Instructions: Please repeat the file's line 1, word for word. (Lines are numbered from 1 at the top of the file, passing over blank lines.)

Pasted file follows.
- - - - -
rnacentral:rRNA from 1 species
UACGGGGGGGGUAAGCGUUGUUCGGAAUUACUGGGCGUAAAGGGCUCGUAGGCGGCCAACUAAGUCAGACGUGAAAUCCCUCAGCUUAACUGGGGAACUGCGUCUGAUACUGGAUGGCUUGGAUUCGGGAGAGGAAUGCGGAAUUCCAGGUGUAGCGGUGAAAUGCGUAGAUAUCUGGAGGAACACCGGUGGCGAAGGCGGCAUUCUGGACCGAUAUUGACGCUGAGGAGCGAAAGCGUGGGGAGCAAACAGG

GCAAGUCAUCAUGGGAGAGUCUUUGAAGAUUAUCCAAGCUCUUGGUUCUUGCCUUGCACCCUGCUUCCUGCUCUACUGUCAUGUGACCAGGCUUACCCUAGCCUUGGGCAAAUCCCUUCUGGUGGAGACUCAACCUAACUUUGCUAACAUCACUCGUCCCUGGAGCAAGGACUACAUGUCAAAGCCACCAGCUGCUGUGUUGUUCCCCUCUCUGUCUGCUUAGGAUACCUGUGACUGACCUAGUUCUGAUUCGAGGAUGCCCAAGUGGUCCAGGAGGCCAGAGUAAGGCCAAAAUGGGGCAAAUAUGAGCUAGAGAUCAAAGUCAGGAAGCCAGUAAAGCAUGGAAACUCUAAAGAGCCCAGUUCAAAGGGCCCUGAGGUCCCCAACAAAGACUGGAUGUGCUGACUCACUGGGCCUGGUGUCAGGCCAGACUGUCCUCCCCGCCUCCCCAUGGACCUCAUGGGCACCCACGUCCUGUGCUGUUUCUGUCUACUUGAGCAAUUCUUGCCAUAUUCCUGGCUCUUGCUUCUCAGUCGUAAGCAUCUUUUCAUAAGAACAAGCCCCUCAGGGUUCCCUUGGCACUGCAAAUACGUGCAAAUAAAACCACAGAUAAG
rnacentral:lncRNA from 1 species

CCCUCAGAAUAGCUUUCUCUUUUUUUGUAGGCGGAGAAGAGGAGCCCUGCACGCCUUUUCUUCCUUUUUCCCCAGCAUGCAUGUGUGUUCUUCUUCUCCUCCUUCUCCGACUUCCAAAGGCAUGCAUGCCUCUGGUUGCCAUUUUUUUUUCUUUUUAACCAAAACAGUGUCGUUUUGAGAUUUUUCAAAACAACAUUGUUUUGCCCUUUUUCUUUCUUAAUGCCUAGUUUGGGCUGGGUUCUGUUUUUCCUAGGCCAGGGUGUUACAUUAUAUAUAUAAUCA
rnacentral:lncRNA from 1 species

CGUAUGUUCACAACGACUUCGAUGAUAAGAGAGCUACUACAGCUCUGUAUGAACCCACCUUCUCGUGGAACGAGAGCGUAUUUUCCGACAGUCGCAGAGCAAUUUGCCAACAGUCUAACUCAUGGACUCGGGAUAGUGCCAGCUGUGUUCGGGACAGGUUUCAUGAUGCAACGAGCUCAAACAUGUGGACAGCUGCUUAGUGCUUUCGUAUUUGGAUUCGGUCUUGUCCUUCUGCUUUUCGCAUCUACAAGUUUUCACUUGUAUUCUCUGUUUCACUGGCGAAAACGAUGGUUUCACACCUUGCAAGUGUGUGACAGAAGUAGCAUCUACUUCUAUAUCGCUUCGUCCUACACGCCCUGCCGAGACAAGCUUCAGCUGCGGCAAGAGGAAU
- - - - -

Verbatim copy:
rnacentral:rRNA from 1 species